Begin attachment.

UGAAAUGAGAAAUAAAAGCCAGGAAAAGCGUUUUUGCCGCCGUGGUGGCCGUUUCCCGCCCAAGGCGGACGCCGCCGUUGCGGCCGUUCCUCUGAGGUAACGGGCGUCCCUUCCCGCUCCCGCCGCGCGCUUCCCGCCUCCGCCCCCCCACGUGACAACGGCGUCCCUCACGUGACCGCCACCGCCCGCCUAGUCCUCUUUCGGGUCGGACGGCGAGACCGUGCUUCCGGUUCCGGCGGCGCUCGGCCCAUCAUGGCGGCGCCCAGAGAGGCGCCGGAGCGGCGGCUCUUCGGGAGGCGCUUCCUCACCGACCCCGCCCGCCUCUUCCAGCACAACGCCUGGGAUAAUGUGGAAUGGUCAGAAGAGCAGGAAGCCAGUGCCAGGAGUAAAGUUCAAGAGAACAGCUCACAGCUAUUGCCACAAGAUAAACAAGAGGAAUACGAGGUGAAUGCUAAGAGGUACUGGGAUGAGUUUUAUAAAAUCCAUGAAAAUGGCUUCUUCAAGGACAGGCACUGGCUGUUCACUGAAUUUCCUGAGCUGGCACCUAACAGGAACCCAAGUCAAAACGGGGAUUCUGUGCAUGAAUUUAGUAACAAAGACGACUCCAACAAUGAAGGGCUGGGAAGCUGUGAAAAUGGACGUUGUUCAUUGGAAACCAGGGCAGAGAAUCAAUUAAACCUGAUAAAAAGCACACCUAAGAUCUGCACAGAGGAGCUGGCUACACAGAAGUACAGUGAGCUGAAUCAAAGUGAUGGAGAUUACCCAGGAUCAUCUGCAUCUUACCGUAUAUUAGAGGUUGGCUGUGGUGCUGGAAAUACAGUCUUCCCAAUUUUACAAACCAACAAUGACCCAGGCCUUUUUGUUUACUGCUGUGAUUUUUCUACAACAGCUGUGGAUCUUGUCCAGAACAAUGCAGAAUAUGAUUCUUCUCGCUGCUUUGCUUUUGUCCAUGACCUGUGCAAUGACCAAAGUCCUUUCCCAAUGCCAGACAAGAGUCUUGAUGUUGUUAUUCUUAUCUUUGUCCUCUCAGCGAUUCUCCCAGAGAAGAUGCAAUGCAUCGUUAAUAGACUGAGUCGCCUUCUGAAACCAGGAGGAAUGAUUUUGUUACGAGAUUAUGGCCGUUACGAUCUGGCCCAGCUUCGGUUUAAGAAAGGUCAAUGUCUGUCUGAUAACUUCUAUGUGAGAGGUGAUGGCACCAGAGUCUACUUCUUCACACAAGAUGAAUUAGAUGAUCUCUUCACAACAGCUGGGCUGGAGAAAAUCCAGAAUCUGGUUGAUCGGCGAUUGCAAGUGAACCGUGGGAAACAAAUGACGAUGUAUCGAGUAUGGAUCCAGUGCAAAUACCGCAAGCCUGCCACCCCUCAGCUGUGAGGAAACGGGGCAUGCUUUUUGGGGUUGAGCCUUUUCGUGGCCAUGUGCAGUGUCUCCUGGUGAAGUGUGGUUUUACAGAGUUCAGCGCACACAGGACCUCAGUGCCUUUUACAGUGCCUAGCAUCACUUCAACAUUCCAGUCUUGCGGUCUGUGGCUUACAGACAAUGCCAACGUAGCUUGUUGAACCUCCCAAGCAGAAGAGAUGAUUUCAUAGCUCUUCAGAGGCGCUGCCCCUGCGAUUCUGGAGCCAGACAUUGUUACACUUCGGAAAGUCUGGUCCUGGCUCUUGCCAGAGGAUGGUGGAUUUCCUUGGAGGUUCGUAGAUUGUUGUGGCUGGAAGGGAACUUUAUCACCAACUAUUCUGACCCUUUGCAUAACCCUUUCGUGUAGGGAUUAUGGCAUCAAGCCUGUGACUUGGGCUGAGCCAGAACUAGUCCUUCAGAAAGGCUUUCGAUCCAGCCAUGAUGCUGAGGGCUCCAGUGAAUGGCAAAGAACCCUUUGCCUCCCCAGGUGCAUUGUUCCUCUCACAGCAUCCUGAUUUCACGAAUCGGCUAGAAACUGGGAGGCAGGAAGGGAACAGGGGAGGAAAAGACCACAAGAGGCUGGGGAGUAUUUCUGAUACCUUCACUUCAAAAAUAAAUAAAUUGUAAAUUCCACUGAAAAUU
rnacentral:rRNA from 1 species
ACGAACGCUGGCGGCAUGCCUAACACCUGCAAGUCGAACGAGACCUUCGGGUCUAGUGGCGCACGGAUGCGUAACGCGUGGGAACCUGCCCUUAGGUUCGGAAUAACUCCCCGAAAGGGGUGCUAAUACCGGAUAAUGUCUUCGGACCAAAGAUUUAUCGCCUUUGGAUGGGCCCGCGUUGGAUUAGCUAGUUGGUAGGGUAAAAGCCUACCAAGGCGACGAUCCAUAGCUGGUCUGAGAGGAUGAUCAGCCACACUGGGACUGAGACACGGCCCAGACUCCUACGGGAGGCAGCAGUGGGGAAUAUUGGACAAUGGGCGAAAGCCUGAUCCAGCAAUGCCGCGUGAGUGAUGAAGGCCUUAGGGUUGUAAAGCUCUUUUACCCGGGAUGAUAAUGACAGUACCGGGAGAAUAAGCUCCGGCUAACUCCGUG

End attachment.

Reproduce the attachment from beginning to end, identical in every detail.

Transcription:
UGAAAUGAGAAAUAAAAGCCAGGAAAAGCGUUUUUGCCGCCGUGGUGGCCGUUUCCCGCCCAAGGCGGACGCCGCCGUUGCGGCCGUUCCUCUGAGGUAACGGGCGUCCCUUCCCGCUCCCGCCGCGCGCUUCCCGCCUCCGCCCCCCCACGUGACAACGGCGUCCCUCACGUGACCGCCACCGCCCGCCUAGUCCUCUUUCGGGUCGGACGGCGAGACCGUGCUUCCGGUUCCGGCGGCGCUCGGCCCAUCAUGGCGGCGCCCAGAGAGGCGCCGGAGCGGCGGCUCUUCGGGAGGCGCUUCCUCACCGACCCCGCCCGCCUCUUCCAGCACAACGCCUGGGAUAAUGUGGAAUGGUCAGAAGAGCAGGAAGCCAGUGCCAGGAGUAAAGUUCAAGAGAACAGCUCACAGCUAUUGCCACAAGAUAAACAAGAGGAAUACGAGGUGAAUGCUAAGAGGUACUGGGAUGAGUUUUAUAAAAUCCAUGAAAAUGGCUUCUUCAAGGACAGGCACUGGCUGUUCACUGAAUUUCCUGAGCUGGCACCUAACAGGAACCCAAGUCAAAACGGGGAUUCUGUGCAUGAAUUUAGUAACAAAGACGACUCCAACAAUGAAGGGCUGGGAAGCUGUGAAAAUGGACGUUGUUCAUUGGAAACCAGGGCAGAGAAUCAAUUAAACCUGAUAAAAAGCACACCUAAGAUCUGCACAGAGGAGCUGGCUACACAGAAGUACAGUGAGCUGAAUCAAAGUGAUGGAGAUUACCCAGGAUCAUCUGCAUCUUACCGUAUAUUAGAGGUUGGCUGUGGUGCUGGAAAUACAGUCUUCCCAAUUUUACAAACCAACAAUGACCCAGGCCUUUUUGUUUACUGCUGUGAUUUUUCUACAACAGCUGUGGAUCUUGUCCAGAACAAUGCAGAAUAUGAUUCUUCUCGCUGCUUUGCUUUUGUCCAUGACCUGUGCAAUGACCAAAGUCCUUUCCCAAUGCCAGACAAGAGUCUUGAUGUUGUUAUUCUUAUCUUUGUCCUCUCAGCGAUUCUCCCAGAGAAGAUGCAAUGCAUCGUUAAUAGACUGAGUCGCCUUCUGAAACCAGGAGGAAUGAUUUUGUUACGAGAUUAUGGCCGUUACGAUCUGGCCCAGCUUCGGUUUAAGAAAGGUCAAUGUCUGUCUGAUAACUUCUAUGUGAGAGGUGAUGGCACCAGAGUCUACUUCUUCACACAAGAUGAAUUAGAUGAUCUCUUCACAACAGCUGGGCUGGAGAAAAUCCAGAAUCUGGUUGAUCGGCGAUUGCAAGUGAACCGUGGGAAACAAAUGACGAUGUAUCGAGUAUGGAUCCAGUGCAAAUACCGCAAGCCUGCCACCCCUCAGCUGUGAGGAAACGGGGCAUGCUUUUUGGGGUUGAGCCUUUUCGUGGCCAUGUGCAGUGUCUCCUGGUGAAGUGUGGUUUUACAGAGUUCAGCGCACACAGGACCUCAGUGCCUUUUACAGUGCCUAGCAUCACUUCAACAUUCCAGUCUUGCGGUCUGUGGCUUACAGACAAUGCCAACGUAGCUUGUUGAACCUCCCAAGCAGAAGAGAUGAUUUCAUAGCUCUUCAGAGGCGCUGCCCCUGCGAUUCUGGAGCCAGACAUUGUUACACUUCGGAAAGUCUGGUCCUGGCUCUUGCCAGAGGAUGGUGGAUUUCCUUGGAGGUUCGUAGAUUGUUGUGGCUGGAAGGGAACUUUAUCACCAACUAUUCUGACCCUUUGCAUAACCCUUUCGUGUAGGGAUUAUGGCAUCAAGCCUGUGACUUGGGCUGAGCCAGAACUAGUCCUUCAGAAAGGCUUUCGAUCCAGCCAUGAUGCUGAGGGCUCCAGUGAAUGGCAAAGAACCCUUUGCCUCCCCAGGUGCAUUGUUCCUCUCACAGCAUCCUGAUUUCACGAAUCGGCUAGAAACUGGGAGGCAGGAAGGGAACAGGGGAGGAAAAGACCACAAGAGGCUGGGGAGUAUUUCUGAUACCUUCACUUCAAAAAUAAAUAAAUUGUAAAUUCCACUGAAAAUU
rnacentral:rRNA from 1 species
ACGAACGCUGGCGGCAUGCCUAACACCUGCAAGUCGAACGAGACCUUCGGGUCUAGUGGCGCACGGAUGCGUAACGCGUGGGAACCUGCCCUUAGGUUCGGAAUAACUCCCCGAAAGGGGUGCUAAUACCGGAUAAUGUCUUCGGACCAAAGAUUUAUCGCCUUUGGAUGGGCCCGCGUUGGAUUAGCUAGUUGGUAGGGUAAAAGCCUACCAAGGCGACGAUCCAUAGCUGGUCUGAGAGGAUGAUCAGCCACACUGGGACUGAGACACGGCCCAGACUCCUACGGGAGGCAGCAGUGGGGAAUAUUGGACAAUGGGCGAAAGCCUGAUCCAGCAAUGCCGCGUGAGUGAUGAAGGCCUUAGGGUUGUAAAGCUCUUUUACCCGGGAUGAUAAUGACAGUACCGGGAGAAUAAGCUCCGGCUAACUCCGUG